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Harry Edison, a Black musician, was born in Columbus, Ohio, on this date in 1915. Harry “Sweets” Edison was a trumpeter inspired by Louis Armstrong.
He gained valuable early experience with several bands, including the Jeter-Pillars Orchestra. After a short spell with Lucky Millinder, Edison joined the Count Basie band in 1938, remaining until Basie folded his big band in 1950. Edison then began a long career as a leader of small groups, a solo artist, and a studio musician; he also worked occasionally with bandleaders such as Buddy Rich.
He toured with Jazz At The Philharmonic, and in the 1950s, his work came to the attention of millions who never knew his name when he performed with the Nelson Riddle orchestra behind the vocals of Frank Sinatra. In the 1960s, he occasionally worked with Basie again but was mostly heard as a soloist, touring extensively on the international club and festival circuit. He also recorded with the saxophonist Jimmy Forrest and Eddie "Lockjaw" Davis. Edison often favored playing with a Harmon mute in performance, and while he had many imitators, few matched his laconic wit and inventiveness.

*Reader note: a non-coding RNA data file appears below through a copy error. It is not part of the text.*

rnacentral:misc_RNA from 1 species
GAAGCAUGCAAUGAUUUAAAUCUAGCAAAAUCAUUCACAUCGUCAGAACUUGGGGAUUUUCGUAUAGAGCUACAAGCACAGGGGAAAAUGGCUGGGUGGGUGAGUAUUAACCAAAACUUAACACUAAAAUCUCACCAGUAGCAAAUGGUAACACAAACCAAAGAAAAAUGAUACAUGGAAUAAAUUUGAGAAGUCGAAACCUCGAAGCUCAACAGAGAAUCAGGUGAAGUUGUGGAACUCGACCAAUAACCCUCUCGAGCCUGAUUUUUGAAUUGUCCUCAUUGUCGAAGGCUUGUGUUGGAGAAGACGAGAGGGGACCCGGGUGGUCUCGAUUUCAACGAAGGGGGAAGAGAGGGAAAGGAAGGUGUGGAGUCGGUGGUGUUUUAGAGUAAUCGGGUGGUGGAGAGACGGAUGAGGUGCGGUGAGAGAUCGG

His trademark of repeated single notes is something no other trumpeter has been able to use to such good effect. He was teamed with most of the big names in jazz on his numerous recording dates and continually defied his advancing years. In November 1989, he appeared as a featured soloist with the Frank Wess-Harry Edison Orchestra at the Fujitsu-Concord Jazz Festival in Japan.
Harry Edison died on July 27, 1999, in Columbus, Ohio.
by Harry N. Abrams, Incorporated, New York